Money being a need and a good is no exception to the rule, and we already live in a world where our money has no cost to produce since we’ve driven down the cost to create fiat money. We’ve moved on from the need to mint coins or print notes; while they still exist, they make up a tiny fraction of money in circulation.
Today, the majority of money is created digitally, making it cheaper than ever to create and allowing for issuers of currency, namely governments, the ability to maximise their seigniorage.
Seigniorage is the difference between the face value of money, such as a $10 bill or a quarter coin, and the cost to produce it. In other words, the cost of producing a currency within a given economy or country is lower than the actual exchange value, which generally accrues to governments that mint the money.
Under this system, an elected few get to create and deploy money in certain parts of the economy first; this central planning can cause massive distortions in markets and benefit those who get to access that new money stock first. Each time new money is pushed into the system, everything needs to be repriced under the new flow of money, and we see prices adjust as the market catches up.
Since there isn’t a real physical limit and only a psychological limit on inflation, governments can continue to create money and misallocate resources which have resulted in massive wealth gaps. Since fiat money has a negligible cost to capital, there is very little incentive to act responsibly.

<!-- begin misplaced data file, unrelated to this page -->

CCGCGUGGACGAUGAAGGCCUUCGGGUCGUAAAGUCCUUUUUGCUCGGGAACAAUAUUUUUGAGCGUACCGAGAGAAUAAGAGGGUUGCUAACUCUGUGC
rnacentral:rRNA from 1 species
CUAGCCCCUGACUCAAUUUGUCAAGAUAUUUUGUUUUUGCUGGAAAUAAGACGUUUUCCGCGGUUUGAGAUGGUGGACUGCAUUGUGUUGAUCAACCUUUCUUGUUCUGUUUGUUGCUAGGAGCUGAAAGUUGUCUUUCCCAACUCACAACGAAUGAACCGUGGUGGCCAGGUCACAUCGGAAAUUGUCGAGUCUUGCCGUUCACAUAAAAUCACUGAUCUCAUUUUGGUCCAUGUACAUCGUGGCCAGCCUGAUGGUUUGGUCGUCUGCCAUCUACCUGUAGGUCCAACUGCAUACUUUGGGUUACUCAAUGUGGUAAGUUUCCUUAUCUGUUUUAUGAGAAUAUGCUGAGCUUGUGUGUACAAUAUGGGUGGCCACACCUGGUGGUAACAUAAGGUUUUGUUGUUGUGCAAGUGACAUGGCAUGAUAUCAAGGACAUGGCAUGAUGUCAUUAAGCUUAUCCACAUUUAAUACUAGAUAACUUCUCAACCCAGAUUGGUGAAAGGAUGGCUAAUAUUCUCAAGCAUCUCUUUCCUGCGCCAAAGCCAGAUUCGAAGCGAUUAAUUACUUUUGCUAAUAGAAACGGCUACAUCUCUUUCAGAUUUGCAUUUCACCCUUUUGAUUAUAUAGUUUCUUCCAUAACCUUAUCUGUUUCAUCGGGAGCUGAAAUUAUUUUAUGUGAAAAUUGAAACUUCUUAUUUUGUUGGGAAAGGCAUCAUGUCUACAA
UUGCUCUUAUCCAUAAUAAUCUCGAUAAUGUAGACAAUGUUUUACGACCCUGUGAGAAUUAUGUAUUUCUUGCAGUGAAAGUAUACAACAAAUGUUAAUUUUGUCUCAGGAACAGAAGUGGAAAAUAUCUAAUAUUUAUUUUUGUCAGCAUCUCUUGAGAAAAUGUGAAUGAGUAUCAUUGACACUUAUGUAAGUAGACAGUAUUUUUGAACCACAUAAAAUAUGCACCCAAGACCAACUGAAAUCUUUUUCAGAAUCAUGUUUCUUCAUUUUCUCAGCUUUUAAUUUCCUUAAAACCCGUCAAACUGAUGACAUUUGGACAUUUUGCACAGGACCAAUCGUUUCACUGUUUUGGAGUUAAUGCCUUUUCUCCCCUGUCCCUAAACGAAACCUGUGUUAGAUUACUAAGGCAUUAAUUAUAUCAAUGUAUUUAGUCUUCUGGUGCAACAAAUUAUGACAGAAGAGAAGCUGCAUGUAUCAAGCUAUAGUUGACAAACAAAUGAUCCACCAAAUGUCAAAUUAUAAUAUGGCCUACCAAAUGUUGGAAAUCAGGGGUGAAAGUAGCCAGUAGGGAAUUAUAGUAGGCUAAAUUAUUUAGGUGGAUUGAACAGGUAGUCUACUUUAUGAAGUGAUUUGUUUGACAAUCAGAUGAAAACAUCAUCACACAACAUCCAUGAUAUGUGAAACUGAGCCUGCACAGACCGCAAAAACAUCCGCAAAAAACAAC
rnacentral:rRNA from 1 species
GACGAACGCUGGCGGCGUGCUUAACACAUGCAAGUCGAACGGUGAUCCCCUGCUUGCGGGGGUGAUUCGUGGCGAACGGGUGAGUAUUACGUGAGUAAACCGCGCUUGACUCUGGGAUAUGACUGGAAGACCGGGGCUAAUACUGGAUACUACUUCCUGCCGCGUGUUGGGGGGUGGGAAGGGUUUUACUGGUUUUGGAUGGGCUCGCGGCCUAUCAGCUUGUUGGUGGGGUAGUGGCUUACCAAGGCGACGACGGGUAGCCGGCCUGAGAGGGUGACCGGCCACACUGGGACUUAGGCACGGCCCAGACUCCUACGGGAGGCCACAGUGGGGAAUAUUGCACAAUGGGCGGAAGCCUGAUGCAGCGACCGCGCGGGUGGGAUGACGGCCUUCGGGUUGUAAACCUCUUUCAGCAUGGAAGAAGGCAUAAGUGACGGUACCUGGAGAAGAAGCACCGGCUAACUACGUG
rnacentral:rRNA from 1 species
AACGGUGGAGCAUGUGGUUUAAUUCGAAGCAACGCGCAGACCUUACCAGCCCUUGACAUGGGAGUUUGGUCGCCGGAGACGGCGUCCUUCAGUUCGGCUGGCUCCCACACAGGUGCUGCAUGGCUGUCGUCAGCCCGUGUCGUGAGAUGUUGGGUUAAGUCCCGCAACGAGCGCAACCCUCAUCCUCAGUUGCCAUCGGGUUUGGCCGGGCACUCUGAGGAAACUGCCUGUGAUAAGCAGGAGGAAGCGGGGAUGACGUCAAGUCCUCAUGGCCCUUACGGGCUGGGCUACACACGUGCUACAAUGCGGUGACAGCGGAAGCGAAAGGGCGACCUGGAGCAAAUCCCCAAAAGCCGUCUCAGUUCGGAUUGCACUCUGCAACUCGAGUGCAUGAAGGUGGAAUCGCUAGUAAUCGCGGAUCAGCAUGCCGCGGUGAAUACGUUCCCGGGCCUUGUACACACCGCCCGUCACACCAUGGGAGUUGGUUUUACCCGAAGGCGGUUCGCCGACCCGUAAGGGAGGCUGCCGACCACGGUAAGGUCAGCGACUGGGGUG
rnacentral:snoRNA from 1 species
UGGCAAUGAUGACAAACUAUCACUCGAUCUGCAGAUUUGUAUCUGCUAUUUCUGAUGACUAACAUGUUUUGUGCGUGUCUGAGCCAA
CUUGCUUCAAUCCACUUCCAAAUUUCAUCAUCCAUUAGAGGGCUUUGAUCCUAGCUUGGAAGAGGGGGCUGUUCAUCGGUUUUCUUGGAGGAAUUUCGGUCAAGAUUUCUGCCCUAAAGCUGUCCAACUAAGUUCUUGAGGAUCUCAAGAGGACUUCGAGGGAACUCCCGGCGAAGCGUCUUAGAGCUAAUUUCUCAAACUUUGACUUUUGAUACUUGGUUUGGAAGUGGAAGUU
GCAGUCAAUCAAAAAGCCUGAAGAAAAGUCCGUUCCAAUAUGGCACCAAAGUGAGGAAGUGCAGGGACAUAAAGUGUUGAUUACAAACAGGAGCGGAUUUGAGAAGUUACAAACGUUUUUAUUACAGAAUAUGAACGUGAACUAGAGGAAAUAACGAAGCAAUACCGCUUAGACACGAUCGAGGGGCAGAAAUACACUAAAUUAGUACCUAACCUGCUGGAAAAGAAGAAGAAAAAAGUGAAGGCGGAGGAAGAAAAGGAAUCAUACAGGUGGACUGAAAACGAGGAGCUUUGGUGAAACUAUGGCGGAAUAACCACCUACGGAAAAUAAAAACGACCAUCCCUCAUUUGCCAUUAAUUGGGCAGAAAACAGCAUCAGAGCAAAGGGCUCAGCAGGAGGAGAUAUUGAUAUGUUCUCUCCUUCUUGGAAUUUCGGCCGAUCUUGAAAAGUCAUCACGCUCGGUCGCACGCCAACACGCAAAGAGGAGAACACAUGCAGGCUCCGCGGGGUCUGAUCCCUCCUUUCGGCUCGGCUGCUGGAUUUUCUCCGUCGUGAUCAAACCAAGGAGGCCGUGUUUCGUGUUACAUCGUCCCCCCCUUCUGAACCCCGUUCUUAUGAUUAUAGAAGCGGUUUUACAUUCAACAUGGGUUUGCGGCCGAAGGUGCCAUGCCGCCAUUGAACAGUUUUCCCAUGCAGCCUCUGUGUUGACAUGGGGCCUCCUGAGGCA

Why do I need to go out and create products and services when I can simply create money which lays claim to all the existing products, services and assets?
What Is the cost of capital?
Cost of capital is a calculation of the minimum return that would be necessary to justify undertaking a capital budgeting project, such as building a new factory, starting a business, farming produce and more. Cost to capital encompasses the time, materials, energy and money required to produce goods and services.
The term cost of capital is used by analysts and investors, but it is always an evaluation of whether a projected decision can be justified by its cost. Investors may also use the term to refer to an evaluation of an investment’s potential return in relation to its cost and its risks.
Under proof of work, you now have a tether to the real world; you can now map out in real time what it would cost you to go out and compete for the new stock coming online. If you are in a position that provides you with favourable conditions to mine, it would be rational to do so.
If not, you wouldn’t.
Bitcoin and its proof of work method provide a baseline cost to capital that economic actors can use to decide if they should focus on bitcoin mining to pursue the stock or focus on other economic ventures to pursue the flow of bitcoin.
Providing a base for energy and productivity
The bitcoin economy is still in its formative stages, with a lot of it being misunderstood, particularly the mining sector. The energy consumption of bitcoin isn’t something that needs to be “solved” or “reduced” its a signal to market actors that this is the floor price of energy, certain commodities and labour.
Instead of trying to hide or dilute the signal, we should embrace it and use it to guide rational economic actors looking to find positive yield in all markets.
If you find a compelling reason that works within your budget, go get hashing. If not, why not consider fiat mining and producing value in other parts of the economy that could net you some bitcoin in exchange?
Are you investing in the bitcoin ecosystem?
Do you invest in bitcoin mining? Are you considering bitcoin mining? Have you been mining for some time? Let us know in the comments down below.